Voice: slow, organ-like notes sung by male and female, usually as a duet. Also low kuk-kuk or kü kuk calls.
Similar species: the North Island kokako is paler, with (usually) blue wattles, an ashy grey edging to the facial mask. The few ‘orange wattled’ kokako recorded in the North Island are assumed to be colour variants of C. wilsoni, the North Island kokako. Vagrant black-faced cuckoo-shrike from Australia is half the size, paler grey, lacks wattles, and is a bird of open woodlands, parks and gardens rather than dense native forest.
Distribution and habitat
Subfossil bones of South Island kokako are common in deposits all over the South Island. Its range was reduced by forest being replaced with open country across much of eastern South Island following Maori settlement. Kokako remained locally common in some remote areas into the 1870s but declined markedly through the 1880s until few fragmented populations remained by 1900. Most records were from the West Coast of the South Island from North-west Nelson to Fiordland, but they were also reported from Marlborough, Banks Peninsula, Arthurs Pass, Mt Cargill, Catlins, Southland and Stewart Island. South Island kokako were recorded from the coast to the tree-line in forest dominated by southern beech, southern rata, kamahi and rimu, as well as subalpine scrub.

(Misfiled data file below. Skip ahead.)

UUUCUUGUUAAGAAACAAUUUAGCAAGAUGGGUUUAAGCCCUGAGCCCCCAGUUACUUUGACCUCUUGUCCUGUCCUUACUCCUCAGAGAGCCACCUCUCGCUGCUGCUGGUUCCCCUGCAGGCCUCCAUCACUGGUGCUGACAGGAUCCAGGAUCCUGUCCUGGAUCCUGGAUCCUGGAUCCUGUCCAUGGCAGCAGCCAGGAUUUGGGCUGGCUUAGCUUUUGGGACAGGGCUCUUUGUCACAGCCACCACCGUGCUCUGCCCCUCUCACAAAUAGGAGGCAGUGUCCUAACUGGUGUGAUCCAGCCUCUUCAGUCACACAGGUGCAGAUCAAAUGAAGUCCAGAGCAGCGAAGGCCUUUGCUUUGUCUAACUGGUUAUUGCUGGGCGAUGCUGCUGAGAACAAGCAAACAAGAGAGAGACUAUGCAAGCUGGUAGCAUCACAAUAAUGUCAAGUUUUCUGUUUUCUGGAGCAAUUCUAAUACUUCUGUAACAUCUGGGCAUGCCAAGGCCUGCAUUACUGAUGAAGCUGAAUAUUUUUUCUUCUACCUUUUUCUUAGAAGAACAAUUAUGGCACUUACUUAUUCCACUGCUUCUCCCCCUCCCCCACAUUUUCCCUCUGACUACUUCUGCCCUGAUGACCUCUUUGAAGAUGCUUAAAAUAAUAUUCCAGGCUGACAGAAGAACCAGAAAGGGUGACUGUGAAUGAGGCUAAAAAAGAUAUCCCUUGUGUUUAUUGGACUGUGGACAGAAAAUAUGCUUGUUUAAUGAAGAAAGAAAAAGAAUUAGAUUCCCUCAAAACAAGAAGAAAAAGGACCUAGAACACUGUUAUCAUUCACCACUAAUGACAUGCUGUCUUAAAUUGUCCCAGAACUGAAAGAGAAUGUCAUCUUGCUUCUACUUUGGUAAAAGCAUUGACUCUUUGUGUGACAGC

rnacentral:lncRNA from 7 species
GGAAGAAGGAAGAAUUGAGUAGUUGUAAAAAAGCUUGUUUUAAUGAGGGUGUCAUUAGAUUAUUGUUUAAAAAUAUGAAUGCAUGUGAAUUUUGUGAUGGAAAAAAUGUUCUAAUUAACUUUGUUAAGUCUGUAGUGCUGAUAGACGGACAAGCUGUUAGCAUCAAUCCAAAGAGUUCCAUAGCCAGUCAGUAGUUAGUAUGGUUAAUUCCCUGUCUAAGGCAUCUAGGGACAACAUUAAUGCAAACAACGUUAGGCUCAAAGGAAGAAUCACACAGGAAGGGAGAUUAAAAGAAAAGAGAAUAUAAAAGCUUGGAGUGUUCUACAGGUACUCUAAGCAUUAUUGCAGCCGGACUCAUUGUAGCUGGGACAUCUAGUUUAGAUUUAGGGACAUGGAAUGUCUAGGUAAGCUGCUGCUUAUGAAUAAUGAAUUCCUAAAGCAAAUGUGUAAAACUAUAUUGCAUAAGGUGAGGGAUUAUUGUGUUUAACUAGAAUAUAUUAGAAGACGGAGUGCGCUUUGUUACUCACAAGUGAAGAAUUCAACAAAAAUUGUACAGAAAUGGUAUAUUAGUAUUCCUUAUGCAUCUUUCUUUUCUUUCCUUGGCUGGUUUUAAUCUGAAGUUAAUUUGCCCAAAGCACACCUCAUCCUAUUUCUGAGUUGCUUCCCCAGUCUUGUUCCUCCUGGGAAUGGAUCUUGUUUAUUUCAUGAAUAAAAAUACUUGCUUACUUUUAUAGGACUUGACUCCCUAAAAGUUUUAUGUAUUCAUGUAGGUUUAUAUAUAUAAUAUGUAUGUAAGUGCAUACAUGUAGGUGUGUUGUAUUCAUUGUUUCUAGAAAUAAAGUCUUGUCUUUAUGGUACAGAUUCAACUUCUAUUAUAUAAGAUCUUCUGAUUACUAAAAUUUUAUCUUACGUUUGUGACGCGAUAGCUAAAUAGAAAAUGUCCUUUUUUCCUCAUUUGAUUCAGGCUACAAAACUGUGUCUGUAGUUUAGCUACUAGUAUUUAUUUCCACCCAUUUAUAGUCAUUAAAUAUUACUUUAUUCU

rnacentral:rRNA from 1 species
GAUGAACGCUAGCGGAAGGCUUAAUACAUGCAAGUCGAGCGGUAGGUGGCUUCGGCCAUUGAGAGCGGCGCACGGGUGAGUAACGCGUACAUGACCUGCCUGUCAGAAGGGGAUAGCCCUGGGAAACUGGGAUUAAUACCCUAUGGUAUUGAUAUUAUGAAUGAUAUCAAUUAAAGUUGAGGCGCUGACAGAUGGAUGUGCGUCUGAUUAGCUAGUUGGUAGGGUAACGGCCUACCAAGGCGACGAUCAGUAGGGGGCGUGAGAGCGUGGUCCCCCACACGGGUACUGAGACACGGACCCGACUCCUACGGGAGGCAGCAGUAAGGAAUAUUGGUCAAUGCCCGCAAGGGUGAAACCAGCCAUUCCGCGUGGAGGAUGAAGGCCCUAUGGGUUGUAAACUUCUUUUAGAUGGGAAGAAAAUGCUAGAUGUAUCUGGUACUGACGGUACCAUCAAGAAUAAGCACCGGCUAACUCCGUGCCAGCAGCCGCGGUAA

Described as locally abundant in Dusky and Queen Charlotte Sounds, where specimens were collected by Solander and Forster on Cook’s voyages in the late 1700s, and on Mount Alexander near Arthur’s Pass by Andreas Reischek in 1873. No census data exist.
Threats and conservation